Teach a man to fish, and you feed him for a lifetime. Give him ramen noodles, and you don’t have to teach him anything.
- Lawrence Downes
Bless Mark Bittman. He solved a riddle of many years for me, and doesn't even know it. You see, I am enamored for more than just nostalgic reasons of B&M Brown Bread, which comes in a can. It's a New England thing; you're supposed to eat it with baked beans. I know, I know, not exactly high cuisine, but it's also really good the next day, sliced - it's actually sort of fun to slice it from the can - and toasted, with butter or cream cheese.
I have looked for a recipe for years that would come close to the B&M stuff. Back in grad school, I found one and tried it, but it was pale (not enough molasses), overly healthy-tasting, and really rather a pain to make, because you had to organize coffee cans in a water bath and tie a cover on them, etc. So when they didn't come out to my liking, I was unwilling to risk that kind of effort a second time.
Anyway, back to Bittman. In today's New York Times, he has a recipe for Quick Whole Wheat Molasses Bread. I have adapted it to my preferences, and I renamed it by shuffling the words around, as you can see. Except for the clabbering of the milk that Bittman does, it's one of the simplest, most non-technical recipes I can imagine, so I'm not entirely sure why there's a video, except that it seems there's now a Bittman video every week. (And that's fine with me, because, well, the guy is kind of growing on me, ever since the life-changing No-Knead Bread.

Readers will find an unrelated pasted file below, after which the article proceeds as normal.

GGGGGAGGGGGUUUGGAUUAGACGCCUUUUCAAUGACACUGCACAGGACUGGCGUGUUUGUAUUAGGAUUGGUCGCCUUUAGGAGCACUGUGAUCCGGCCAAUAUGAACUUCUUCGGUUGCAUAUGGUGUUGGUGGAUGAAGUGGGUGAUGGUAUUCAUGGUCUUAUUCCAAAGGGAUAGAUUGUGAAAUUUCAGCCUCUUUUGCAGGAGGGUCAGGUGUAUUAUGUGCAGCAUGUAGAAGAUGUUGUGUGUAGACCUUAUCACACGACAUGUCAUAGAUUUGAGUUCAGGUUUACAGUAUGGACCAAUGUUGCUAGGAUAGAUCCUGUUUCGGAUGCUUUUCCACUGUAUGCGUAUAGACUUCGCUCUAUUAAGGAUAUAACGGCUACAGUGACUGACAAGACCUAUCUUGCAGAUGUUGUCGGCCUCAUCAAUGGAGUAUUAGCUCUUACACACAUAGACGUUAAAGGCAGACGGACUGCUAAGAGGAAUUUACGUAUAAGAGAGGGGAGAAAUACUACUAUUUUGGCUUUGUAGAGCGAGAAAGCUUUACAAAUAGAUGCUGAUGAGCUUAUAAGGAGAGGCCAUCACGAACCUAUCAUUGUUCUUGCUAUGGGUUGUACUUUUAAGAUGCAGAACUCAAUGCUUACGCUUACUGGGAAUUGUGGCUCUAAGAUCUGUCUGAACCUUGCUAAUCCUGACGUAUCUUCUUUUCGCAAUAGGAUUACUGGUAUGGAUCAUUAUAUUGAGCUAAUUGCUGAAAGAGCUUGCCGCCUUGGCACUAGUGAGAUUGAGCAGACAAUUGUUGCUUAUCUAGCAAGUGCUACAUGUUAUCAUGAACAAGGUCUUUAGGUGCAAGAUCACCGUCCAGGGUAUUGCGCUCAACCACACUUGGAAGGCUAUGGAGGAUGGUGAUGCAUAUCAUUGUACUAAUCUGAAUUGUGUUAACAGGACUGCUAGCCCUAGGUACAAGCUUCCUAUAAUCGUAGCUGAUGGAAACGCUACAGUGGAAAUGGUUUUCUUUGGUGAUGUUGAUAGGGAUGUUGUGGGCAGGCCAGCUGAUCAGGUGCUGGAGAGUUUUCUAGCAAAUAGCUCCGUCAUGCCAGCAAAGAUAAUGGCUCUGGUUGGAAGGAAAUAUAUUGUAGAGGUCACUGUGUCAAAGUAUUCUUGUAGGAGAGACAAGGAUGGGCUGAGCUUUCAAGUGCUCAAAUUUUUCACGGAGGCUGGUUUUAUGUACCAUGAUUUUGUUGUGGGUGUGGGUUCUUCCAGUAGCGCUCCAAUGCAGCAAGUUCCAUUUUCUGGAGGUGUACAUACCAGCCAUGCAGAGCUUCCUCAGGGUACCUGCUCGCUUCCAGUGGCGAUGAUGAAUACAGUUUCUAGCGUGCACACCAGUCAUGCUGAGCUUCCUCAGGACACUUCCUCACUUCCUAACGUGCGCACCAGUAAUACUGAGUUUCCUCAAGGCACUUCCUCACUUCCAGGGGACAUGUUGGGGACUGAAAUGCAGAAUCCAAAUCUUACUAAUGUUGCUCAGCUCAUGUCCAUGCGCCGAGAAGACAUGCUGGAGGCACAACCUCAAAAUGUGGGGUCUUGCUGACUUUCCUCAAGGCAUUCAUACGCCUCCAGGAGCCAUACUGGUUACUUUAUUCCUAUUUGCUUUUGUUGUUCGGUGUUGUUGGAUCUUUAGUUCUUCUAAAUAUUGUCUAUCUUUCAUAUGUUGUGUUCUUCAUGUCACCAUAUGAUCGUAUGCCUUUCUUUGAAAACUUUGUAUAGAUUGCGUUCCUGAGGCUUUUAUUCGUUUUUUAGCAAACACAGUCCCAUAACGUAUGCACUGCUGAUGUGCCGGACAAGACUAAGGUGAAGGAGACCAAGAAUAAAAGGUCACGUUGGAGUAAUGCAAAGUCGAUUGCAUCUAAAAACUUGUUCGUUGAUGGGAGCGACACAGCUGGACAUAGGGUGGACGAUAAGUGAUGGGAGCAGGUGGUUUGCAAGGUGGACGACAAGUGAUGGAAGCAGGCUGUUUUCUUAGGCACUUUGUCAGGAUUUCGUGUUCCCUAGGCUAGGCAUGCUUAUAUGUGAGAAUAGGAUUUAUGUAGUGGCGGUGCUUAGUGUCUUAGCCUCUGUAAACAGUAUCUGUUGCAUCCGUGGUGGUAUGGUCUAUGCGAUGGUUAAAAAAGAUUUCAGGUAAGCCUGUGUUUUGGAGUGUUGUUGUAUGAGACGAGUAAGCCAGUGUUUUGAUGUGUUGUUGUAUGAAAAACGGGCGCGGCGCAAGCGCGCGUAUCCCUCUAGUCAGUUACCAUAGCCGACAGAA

This quick bread is delicious. It is dead easy to make. And while a lot of people won't be impressed by this, it really comes pretty close to the taste of B&M. (Please, Mark, if you read this, don't be offended till you try it.)
Oil or butter for greasing pan
1 2/3 cups plain yogurt, or 1 1/2 cups milk and 2 tablespoons white vinegar (see Step 2)
2 1/2 cups (about 12 ounces) white whole wheat or regular whole wheat flour
1/2 cup cornmeal
1 teaspoon salt
1 teaspoon baking soda
1/2 cup molasses
1/2 cup raisins (optional, but recommended)
1. Heat oven to 325 degrees. Grease an 8-by-4-inch or 9-by 5-inch loaf pan, preferably nonstick.
2. If using yogurt, ignore this step. Make soured milk: warm milk gently — 1 minute in the microwave is sufficient, just enough to take the chill off — and add vinegar. Set aside.
3. Mix together dry ingredients. Stir molasses into buttermilk, yogurt or soured milk. Stir liquid into dry ingredients (just enough to combine) then pour into loaf pan. Bake until firm and a toothpick inserted into center comes out clean, 45 minutes to 1 hour. Cool on a rack for 15 minutes before removing from pan.
Yield: 1 loaf. Serve with butter or cream cheese, on its own for breakfast or alongside baked beans for lunch.